[Date Prev][Date Next][Thread Prev][Thread Next][Date index][Thread index]

From |
rgutierrez@stata.com (Roberto G. Gutierrez, StataCorp) |

To |
statalist@hsphsun2.harvard.edu |

Subject |
Re: st: Binomial confidence intervals |

Date |
Tue, 07 Sep 2004 14:46:50 -0500 |

Earlier, I wrote: >>The exact interval used by -ci, binomial- is the Clopper-Pearson interval, >>but you must realize that "exact" is a bit of a misnomer. It is exact in the >>sense that it uses the binomial distribution as the basis of the calculation. >>However, the binomial distribution is a discrete distribution and as such its >>cumulative probabilities will have discrete jumps, and thus you'll be hard >>pressed to get (say) exactly 95% coverage. to which Constantine Daskalakis <C_Daskalakis@mail.jci.tju.edu> responds: > I do not think this is correct. For the CI, it is the parameter space, not > the sample space, that matters (and the former is continuous). In other > words, if we have k successes out of N trials, we are looking for limits > {p_l, p_u}, such that > Pr [K <= k | p_l] = a/2 > and > Pr [K >= k | p_u] = a/2 > In general, there exist such limits that correspond to tail probabilities of > (exactly) a/2. The fact that the sample space is highly discrete (when N is > small) has nothing to do with it. The only exception is when the observed > number of successes is either 0 or N; in that case, one limit is on the > boundary of the parameter space (p_l=0 or p_u=1) and the corresponding tail > probability on that side is exactly 0, not a/2 (as the manual correctly > points out). Constantine is correct that there are exact solutions to the above equations. However, the problem is that there are only N+1 possible CIs that can be generated from a binomial experiment of N trials. Consider the case where N=9. There are ten possible outcomes of the binomial experiment, namely zero successes, one success, ..., nine successes. Since there are only ten possible k's (0,1,...,9), there are only ten possible confidence intervals, namely . cii 9 0, exact -- Binomial Exact -- Variable | Obs Mean Std. Err. [95% Conf. Interval] -------------+--------------------------------------------------------------- | 9 0 0 0 .3362671* . cii 9 1, exact -- Binomial Exact -- Variable | Obs Mean Std. Err. [95% Conf. Interval] -------------+--------------------------------------------------------------- | 9 .1111111 .1047566 .0028091 .4824965 ... . cii 9 9, exact -- Binomial Exact -- Variable | Obs Mean Std. Err. [95% Conf. Interval] -------------+--------------------------------------------------------------- | 9 1 0 .6637329 1* Some of these ten intervals cover p, and some don't. The probability of coverage is then the cumulative sum (with respect to the binomial(9,p) distribution) of the probabilities of the k's that result in intervals that cover p. This, I state, is where it is difficult to make the coverage probability equal 95% exactly. --Bobby rgutierrez@stata.com * * For searches and help try: * http://www.stata.com/support/faqs/res/findit.html * http://www.stata.com/support/statalist/faq * http://www.ats.ucla.edu/stat/stata/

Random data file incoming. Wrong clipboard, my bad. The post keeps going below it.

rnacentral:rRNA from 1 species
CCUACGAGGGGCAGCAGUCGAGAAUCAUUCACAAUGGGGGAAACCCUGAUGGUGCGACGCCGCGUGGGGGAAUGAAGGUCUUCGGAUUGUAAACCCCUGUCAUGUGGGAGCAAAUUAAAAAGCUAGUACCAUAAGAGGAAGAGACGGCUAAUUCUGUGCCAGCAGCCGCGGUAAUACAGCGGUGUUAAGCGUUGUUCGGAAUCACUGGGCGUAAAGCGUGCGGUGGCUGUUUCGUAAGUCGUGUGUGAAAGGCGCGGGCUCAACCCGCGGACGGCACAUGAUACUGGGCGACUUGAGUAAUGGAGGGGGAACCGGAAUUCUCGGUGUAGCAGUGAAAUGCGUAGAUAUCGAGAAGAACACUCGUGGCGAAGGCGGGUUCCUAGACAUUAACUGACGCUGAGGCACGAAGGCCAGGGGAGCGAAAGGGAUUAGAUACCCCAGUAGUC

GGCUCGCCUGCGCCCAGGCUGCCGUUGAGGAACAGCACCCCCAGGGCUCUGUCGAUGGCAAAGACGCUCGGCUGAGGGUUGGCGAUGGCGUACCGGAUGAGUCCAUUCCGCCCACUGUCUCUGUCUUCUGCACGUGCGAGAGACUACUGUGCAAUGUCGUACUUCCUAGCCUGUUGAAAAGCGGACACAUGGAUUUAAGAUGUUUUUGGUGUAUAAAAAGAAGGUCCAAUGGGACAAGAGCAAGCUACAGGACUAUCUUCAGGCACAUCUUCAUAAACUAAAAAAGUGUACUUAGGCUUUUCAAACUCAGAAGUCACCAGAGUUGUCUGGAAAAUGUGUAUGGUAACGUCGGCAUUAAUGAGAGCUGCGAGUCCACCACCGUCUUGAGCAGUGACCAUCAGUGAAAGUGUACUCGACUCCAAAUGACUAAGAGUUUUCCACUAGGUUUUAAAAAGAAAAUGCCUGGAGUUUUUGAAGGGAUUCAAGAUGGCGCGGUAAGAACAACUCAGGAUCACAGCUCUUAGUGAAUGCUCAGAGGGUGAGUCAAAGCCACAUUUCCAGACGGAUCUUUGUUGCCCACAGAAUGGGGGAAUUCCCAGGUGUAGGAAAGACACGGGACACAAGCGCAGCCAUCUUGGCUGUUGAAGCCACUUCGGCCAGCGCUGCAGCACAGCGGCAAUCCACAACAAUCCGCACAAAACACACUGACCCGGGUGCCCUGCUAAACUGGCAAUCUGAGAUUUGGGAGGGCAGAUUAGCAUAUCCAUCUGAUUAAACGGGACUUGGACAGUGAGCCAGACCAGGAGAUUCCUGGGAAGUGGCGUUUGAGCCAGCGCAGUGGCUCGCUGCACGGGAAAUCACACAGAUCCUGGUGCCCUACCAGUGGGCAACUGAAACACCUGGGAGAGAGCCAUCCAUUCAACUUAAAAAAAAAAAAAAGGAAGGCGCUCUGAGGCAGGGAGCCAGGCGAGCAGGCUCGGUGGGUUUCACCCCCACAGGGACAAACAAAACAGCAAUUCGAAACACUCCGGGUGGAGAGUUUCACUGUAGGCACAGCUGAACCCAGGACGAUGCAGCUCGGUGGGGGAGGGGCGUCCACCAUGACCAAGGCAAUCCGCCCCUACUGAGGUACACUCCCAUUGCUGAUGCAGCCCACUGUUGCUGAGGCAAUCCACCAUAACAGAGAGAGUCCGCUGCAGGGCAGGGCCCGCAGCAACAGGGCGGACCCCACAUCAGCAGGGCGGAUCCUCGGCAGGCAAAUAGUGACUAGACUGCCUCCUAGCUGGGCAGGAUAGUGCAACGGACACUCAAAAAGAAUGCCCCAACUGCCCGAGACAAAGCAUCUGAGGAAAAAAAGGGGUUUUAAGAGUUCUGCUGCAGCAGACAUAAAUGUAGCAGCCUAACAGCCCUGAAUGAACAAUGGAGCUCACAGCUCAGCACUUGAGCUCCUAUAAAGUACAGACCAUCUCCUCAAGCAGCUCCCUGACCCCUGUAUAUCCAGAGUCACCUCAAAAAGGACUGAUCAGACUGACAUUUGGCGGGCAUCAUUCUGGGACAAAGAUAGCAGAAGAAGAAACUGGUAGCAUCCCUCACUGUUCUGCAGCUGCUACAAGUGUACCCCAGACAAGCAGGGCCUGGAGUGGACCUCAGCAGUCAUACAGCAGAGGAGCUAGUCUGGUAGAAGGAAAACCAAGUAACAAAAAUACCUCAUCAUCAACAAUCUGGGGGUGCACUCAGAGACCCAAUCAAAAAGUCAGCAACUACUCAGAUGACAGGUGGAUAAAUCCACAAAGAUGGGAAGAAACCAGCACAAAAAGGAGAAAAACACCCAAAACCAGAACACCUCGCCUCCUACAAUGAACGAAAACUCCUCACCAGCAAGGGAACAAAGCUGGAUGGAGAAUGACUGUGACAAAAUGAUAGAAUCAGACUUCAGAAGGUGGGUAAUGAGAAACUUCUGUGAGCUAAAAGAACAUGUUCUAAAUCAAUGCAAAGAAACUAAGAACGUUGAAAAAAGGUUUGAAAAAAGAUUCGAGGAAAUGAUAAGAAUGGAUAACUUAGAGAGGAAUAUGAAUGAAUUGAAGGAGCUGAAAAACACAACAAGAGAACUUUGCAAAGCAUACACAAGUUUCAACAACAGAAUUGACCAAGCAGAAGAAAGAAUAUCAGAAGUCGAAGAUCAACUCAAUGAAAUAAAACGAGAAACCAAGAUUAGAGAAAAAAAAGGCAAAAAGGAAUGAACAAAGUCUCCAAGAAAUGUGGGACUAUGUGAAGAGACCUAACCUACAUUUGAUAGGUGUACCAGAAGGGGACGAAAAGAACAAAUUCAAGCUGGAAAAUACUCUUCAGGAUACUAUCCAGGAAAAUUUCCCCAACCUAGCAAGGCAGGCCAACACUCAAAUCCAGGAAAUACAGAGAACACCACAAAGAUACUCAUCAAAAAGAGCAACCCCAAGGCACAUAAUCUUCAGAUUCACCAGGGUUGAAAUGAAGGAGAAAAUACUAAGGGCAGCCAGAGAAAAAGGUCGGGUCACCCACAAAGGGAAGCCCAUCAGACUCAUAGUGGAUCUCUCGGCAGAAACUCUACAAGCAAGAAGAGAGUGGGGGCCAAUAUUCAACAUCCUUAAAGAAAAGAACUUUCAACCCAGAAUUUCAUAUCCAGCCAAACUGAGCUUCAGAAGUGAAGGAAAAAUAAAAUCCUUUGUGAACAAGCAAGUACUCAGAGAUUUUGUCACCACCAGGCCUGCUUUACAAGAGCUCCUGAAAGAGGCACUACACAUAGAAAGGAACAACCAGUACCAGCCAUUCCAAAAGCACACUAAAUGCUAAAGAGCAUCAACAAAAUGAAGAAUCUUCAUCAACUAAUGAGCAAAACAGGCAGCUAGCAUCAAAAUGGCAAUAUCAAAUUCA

- Prev by Date:
**Re: st: Binomial confidence intervals** - Next by Date:
**Re: st: Interesting (?) -ml- question** - Previous by thread:
**Re: st: Binomial confidence intervals** - Next by thread:
**RE: st: Binomial confidence intervals** - Index(es):

© Copyright 1996–2016 StataCorp LP | Terms of use | Privacy | Contact us | What's new | Site index |